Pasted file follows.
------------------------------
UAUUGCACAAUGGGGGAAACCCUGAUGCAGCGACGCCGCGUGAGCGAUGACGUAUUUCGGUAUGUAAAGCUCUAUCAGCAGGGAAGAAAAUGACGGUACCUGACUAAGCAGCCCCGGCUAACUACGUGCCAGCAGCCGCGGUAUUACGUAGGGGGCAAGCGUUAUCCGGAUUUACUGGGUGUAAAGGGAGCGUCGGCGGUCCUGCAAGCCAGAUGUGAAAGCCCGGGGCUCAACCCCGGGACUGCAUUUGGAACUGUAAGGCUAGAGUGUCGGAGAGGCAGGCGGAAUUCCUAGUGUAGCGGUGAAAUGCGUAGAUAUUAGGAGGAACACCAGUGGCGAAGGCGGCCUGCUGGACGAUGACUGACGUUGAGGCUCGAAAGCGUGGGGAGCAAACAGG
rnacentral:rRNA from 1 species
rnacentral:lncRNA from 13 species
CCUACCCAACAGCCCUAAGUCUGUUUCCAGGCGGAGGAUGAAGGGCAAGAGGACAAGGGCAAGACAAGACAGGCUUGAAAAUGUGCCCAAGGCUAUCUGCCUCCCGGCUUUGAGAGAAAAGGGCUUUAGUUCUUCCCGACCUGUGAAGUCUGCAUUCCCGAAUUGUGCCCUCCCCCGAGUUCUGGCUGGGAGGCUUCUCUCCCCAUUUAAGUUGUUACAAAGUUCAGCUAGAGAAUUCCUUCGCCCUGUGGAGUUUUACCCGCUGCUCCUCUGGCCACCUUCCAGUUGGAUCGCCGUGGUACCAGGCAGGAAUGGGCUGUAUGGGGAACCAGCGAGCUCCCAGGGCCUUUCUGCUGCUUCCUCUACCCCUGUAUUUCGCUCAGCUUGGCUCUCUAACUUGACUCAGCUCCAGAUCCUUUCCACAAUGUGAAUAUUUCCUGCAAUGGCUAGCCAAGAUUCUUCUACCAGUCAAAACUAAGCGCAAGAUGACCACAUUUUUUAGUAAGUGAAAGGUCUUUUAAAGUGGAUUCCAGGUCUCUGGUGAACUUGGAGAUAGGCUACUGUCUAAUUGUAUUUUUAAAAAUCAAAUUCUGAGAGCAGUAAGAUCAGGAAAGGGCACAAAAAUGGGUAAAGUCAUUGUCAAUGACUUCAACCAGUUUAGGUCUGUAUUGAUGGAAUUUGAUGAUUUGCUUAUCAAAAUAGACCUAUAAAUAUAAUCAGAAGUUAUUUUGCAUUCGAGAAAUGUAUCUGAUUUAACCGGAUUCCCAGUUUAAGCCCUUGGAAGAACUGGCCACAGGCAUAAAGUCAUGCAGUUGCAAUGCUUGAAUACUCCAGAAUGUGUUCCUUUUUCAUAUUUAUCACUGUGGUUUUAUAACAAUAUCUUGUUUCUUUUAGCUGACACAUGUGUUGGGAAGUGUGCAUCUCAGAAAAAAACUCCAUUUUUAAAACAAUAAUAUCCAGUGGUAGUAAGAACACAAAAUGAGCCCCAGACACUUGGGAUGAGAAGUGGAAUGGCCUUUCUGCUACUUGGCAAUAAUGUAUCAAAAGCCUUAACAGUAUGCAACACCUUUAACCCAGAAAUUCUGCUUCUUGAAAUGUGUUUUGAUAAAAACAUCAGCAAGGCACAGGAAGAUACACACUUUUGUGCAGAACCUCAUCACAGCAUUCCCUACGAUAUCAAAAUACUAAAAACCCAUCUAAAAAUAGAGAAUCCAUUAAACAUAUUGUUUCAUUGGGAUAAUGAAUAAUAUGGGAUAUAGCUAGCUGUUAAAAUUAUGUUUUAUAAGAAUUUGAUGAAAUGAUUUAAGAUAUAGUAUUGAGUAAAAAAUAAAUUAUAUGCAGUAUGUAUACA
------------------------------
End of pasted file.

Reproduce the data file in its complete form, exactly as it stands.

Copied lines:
UAUUGCACAAUGGGGGAAACCCUGAUGCAGCGACGCCGCGUGAGCGAUGACGUAUUUCGGUAUGUAAAGCUCUAUCAGCAGGGAAGAAAAUGACGGUACCUGACUAAGCAGCCCCGGCUAACUACGUGCCAGCAGCCGCGGUAUUACGUAGGGGGCAAGCGUUAUCCGGAUUUACUGGGUGUAAAGGGAGCGUCGGCGGUCCUGCAAGCCAGAUGUGAAAGCCCGGGGCUCAACCCCGGGACUGCAUUUGGAACUGUAAGGCUAGAGUGUCGGAGAGGCAGGCGGAAUUCCUAGUGUAGCGGUGAAAUGCGUAGAUAUUAGGAGGAACACCAGUGGCGAAGGCGGCCUGCUGGACGAUGACUGACGUUGAGGCUCGAAAGCGUGGGGAGCAAACAGG
rnacentral:rRNA from 1 species
rnacentral:lncRNA from 13 species
CCUACCCAACAGCCCUAAGUCUGUUUCCAGGCGGAGGAUGAAGGGCAAGAGGACAAGGGCAAGACAAGACAGGCUUGAAAAUGUGCCCAAGGCUAUCUGCCUCCCGGCUUUGAGAGAAAAGGGCUUUAGUUCUUCCCGACCUGUGAAGUCUGCAUUCCCGAAUUGUGCCCUCCCCCGAGUUCUGGCUGGGAGGCUUCUCUCCCCAUUUAAGUUGUUACAAAGUUCAGCUAGAGAAUUCCUUCGCCCUGUGGAGUUUUACCCGCUGCUCCUCUGGCCACCUUCCAGUUGGAUCGCCGUGGUACCAGGCAGGAAUGGGCUGUAUGGGGAACCAGCGAGCUCCCAGGGCCUUUCUGCUGCUUCCUCUACCCCUGUAUUUCGCUCAGCUUGGCUCUCUAACUUGACUCAGCUCCAGAUCCUUUCCACAAUGUGAAUAUUUCCUGCAAUGGCUAGCCAAGAUUCUUCUACCAGUCAAAACUAAGCGCAAGAUGACCACAUUUUUUAGUAAGUGAAAGGUCUUUUAAAGUGGAUUCCAGGUCUCUGGUGAACUUGGAGAUAGGCUACUGUCUAAUUGUAUUUUUAAAAAUCAAAUUCUGAGAGCAGUAAGAUCAGGAAAGGGCACAAAAAUGGGUAAAGUCAUUGUCAAUGACUUCAACCAGUUUAGGUCUGUAUUGAUGGAAUUUGAUGAUUUGCUUAUCAAAAUAGACCUAUAAAUAUAAUCAGAAGUUAUUUUGCAUUCGAGAAAUGUAUCUGAUUUAACCGGAUUCCCAGUUUAAGCCCUUGGAAGAACUGGCCACAGGCAUAAAGUCAUGCAGUUGCAAUGCUUGAAUACUCCAGAAUGUGUUCCUUUUUCAUAUUUAUCACUGUGGUUUUAUAACAAUAUCUUGUUUCUUUUAGCUGACACAUGUGUUGGGAAGUGUGCAUCUCAGAAAAAAACUCCAUUUUUAAAACAAUAAUAUCCAGUGGUAGUAAGAACACAAAAUGAGCCCCAGACACUUGGGAUGAGAAGUGGAAUGGCCUUUCUGCUACUUGGCAAUAAUGUAUCAAAAGCCUUAACAGUAUGCAACACCUUUAACCCAGAAAUUCUGCUUCUUGAAAUGUGUUUUGAUAAAAACAUCAGCAAGGCACAGGAAGAUACACACUUUUGUGCAGAACCUCAUCACAGCAUUCCCUACGAUAUCAAAAUACUAAAAACCCAUCUAAAAAUAGAGAAUCCAUUAAACAUAUUGUUUCAUUGGGAUAAUGAAUAAUAUGGGAUAUAGCUAGCUGUUAAAAUUAUGUUUUAUAAGAAUUUGAUGAAAUGAUUUAAGAUAUAGUAUUGAGUAAAAAAUAAAUUAUAUGCAGUAUGUAUACA